Archives for posts with tag: poor alignment

If you’ve taken my class or know anything about my professional background, then you’ll know how I feel about Plank.

Its such a fundamental pose, yet SO many students, clients and yogis have a hard time with plank. ¬†This is a challenging pose… but why is it so hard if all it takes to create the proper alignment is to stand up straight? Yea, its that simple (not easy), plank pose is the same as standing tall with a neutral and erect spine, except we turn it on its side.

Most commonly what I see is that people are not able to draw in and up through their core. This creates a sagging effect through the lower back, and puts more strain on all of the joints in the upper body. Another challenge people usually have, is to not let their head pull them down. A human head weighs upwards of 10 lbs. Letting it hang down pulls the whole pose in to a collapsed state. Keep your head in line with your spine, eyes forward and up with the back of you neck long.

Here are some tips for you the next time you are in plank pose:

1. Engage your WHOLE body! Fingers, forearms, biceps, triceps, chest, back, core (front and back), glutes, quads, hamstrings and calves. Yep, thats one of the main reasons I love it so much- its a full body workout! When you are engaging these muscles, do so in such a way that makes you feel like you’re pulling the muscles into the bones, rather than bracing for some kind of impact.

2. Keep a buoyancy in your shoulder girdle. A lot of times this is where things start to fall apart, and unfortunately I hear a lot of instructors cueing this incorrectly. You’re not trying to only round your shoulders NOR only squeeze them together- you are doing BOTH. The shoulderblades should be in an in-between state to create the strength and buoyancy I’m talking about.

3. USE your legs! So many folks try to hold their body weight in their arms- which will be eternally challenging in this position. Your legs are super strong and can help to distribute the weight more appropriately. Try this: when you are in plank, pull your hands and feet toward each other. Then when you move to Chaturunga you’ll feel light as a feather! (well, almost!)

4. Mind over Matter. Without any training or pre-run I held a 4 minute plank. I’ve had students who trained and held plank as long as 20 minutes! Its ALL in your head. Consider what comes up for you when the pose gets challenging. When you want to give up, take one more deep breath… then maybe another… and another…


For fun, set a timer and see how long you can hold plank. Then start doing 60 seconds every day. On the 7th day- don’t rest, time yourself again ūüėČ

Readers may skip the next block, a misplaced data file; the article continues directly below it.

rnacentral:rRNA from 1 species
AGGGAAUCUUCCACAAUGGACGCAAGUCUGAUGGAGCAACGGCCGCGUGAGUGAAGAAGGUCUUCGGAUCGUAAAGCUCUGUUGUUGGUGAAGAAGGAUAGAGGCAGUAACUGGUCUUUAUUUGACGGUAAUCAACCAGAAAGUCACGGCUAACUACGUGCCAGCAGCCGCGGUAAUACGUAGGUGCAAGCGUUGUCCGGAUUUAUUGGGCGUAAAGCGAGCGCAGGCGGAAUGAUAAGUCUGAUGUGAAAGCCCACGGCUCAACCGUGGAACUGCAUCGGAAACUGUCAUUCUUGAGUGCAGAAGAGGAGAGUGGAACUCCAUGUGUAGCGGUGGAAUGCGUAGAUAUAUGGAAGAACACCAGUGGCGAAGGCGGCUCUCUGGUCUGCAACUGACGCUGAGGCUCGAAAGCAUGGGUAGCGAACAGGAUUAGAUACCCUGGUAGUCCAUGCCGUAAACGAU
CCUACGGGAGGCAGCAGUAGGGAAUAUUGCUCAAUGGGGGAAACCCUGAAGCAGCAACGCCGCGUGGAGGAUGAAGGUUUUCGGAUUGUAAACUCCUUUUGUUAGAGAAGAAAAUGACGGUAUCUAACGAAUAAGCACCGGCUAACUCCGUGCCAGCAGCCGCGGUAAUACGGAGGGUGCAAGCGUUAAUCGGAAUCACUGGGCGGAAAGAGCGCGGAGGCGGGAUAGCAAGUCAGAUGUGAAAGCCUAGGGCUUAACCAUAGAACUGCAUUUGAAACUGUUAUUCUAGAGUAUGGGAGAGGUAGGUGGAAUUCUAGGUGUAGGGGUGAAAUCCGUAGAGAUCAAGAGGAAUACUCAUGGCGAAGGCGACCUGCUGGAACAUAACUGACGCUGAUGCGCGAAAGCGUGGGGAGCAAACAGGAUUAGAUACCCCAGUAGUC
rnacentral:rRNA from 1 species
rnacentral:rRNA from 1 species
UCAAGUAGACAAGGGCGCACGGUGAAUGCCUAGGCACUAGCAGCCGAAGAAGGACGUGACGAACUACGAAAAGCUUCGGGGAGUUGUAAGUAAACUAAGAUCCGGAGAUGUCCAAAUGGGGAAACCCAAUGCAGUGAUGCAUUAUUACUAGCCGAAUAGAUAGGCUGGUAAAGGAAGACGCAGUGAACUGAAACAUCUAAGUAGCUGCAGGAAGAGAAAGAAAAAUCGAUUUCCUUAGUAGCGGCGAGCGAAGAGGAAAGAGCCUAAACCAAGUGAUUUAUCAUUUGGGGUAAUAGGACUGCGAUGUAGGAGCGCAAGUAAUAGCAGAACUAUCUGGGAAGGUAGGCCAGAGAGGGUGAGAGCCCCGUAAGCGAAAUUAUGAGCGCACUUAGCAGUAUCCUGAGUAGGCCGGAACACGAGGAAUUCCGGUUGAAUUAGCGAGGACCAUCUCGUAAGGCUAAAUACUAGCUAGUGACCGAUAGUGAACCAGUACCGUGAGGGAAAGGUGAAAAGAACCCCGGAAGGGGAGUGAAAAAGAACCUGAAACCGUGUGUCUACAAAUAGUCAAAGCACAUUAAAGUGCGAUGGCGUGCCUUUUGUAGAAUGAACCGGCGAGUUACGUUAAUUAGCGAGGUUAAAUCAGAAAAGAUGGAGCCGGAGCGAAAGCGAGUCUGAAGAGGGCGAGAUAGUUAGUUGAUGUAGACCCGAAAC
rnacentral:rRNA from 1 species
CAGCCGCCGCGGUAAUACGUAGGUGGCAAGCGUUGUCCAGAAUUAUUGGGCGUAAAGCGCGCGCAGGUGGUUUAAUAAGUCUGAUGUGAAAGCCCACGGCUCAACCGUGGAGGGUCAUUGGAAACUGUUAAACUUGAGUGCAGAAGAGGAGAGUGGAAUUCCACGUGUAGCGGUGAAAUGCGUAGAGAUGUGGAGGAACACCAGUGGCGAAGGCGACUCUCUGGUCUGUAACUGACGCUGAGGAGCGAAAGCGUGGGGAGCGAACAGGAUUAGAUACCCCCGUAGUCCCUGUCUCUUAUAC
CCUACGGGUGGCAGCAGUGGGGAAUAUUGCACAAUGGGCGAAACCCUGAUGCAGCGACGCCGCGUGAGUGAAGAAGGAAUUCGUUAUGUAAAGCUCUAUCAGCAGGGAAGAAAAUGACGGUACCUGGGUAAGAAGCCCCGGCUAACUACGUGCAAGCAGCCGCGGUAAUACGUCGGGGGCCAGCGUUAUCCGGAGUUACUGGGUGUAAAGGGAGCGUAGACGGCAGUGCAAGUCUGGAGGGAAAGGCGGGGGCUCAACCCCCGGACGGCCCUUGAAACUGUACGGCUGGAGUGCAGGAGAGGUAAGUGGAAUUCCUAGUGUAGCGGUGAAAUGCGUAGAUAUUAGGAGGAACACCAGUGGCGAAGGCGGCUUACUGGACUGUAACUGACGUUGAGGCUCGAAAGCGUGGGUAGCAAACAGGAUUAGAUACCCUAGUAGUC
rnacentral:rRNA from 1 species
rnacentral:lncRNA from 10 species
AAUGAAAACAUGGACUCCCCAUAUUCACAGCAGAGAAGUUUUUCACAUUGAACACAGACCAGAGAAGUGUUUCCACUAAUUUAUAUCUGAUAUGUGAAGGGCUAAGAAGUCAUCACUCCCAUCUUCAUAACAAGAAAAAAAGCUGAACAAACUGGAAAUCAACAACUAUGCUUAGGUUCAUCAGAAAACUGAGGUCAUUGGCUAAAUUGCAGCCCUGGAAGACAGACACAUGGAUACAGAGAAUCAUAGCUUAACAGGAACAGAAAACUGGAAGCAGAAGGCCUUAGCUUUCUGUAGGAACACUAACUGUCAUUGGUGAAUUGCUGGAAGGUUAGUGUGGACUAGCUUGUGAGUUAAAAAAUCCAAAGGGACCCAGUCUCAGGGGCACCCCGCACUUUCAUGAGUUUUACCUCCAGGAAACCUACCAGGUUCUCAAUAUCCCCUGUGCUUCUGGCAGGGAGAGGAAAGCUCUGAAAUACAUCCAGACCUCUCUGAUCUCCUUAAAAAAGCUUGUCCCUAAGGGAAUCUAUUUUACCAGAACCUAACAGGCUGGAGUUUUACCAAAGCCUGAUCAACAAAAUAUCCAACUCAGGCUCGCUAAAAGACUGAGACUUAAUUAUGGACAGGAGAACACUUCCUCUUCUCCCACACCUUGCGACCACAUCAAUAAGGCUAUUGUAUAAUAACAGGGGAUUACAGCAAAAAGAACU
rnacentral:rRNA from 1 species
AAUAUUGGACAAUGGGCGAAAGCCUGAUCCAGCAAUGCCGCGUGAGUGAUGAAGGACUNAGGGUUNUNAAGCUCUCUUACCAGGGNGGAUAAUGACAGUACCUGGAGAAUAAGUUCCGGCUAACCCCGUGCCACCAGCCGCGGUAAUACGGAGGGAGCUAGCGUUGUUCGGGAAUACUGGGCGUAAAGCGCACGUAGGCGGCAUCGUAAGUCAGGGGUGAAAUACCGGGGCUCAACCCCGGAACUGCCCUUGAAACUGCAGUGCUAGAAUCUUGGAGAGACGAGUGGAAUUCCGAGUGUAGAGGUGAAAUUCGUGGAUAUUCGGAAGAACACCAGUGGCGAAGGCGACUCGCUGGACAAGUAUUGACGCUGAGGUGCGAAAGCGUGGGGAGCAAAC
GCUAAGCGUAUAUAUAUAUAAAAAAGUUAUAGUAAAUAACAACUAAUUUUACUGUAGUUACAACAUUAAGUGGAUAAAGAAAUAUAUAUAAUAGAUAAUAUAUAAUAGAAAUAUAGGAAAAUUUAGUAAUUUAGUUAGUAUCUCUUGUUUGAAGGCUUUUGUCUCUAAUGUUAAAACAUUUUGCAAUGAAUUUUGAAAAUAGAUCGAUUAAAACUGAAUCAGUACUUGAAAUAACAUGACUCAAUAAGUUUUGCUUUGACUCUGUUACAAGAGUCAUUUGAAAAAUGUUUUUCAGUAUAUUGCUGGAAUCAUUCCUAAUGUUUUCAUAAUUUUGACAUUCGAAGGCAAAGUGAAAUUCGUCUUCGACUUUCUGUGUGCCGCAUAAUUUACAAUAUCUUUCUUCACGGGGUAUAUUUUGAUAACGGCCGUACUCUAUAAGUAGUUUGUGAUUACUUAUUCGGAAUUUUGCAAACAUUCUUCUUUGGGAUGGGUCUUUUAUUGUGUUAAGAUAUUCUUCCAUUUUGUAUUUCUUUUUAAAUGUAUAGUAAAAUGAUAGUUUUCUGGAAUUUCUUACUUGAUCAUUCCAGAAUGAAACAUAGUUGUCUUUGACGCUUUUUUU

See if you’re able to hold it longer. Then set a goal- after 3 months of training how long would you like to be able to hold plank?

My goal: Dec 21- 8 minute plank!!!


I was at a yoga event last night to assist the students by providing physical adjustments. Sometimes these assists are done to help you deepen your practice, and sometimes they are meant to correct your alignment. Part of this process, from an adjusters point of view, is to first scan and observe the students as a way to assess who could benefit from what type of assist.

Well as I was walking through the students in this class Monday night, I noticed how poor some of the alignment was. There were a handful of yoga poses where bad form was viewable throughout the room. Two thoughts crossed my mind: what are we doing as instructors that is contributing to the bad alignment, and how can we improve the alignment of the largest number of people possible at any given time. Now one answer to these questions in this scenario are to make sure we, as teachers, are teaching to the students in front of us, instead of relying too heavily on a script. Also, there are adjustments we can make to the sequences and yoga poses we are teaching so that people, in general, benefit from the practice instead of reiterate bad habits and poor alignment.

The reality is that form matters A LOT. In the fitness world there is a method called ‘mind in the muscle’, and it suggests that you can increase the success of your results as a weight lifter by up to 30% by paying attention to what your doing. So when you are doing biceps curls, even if you use a 3 lbs dumbbell, if you think about the muscles you are using and connect your mind with your body- your results will be maximized. In the world of yoga this is nothing new. After all, the mind-body connection is the whole point of moving through the poses and breathing with intention.

Bad form generally comes from favoring bad habits, or even a lack of understanding of what the actual intention of the pose or exercise is.  Something as simple as stacking your joints or feeling your alignment can prevent injuries AND deepen your practice.  When we work from proper alignment then the appropriate muscles engage/ disengage to help make our bodies stronger and more efficient. For example, if your shoulders are rounded because you have a bad habit of slouching over a computer all day, then in yoga or at the gym you should focus on strengthening your upper back, stretching your chest and standing upright.

In order to make your form work for you pay attention to the alignment of your joints- they should all stack in straight lines or 90 degree angles (for the most part).  Think of the muscles engaging around the bones to support and create movement. Most importantly, whether you are performing a yoga pose or an exercise at the gym, think about what you are doing, where you feel it, and what you want the outcome to be. A little mindfulness and awareness will go a long way.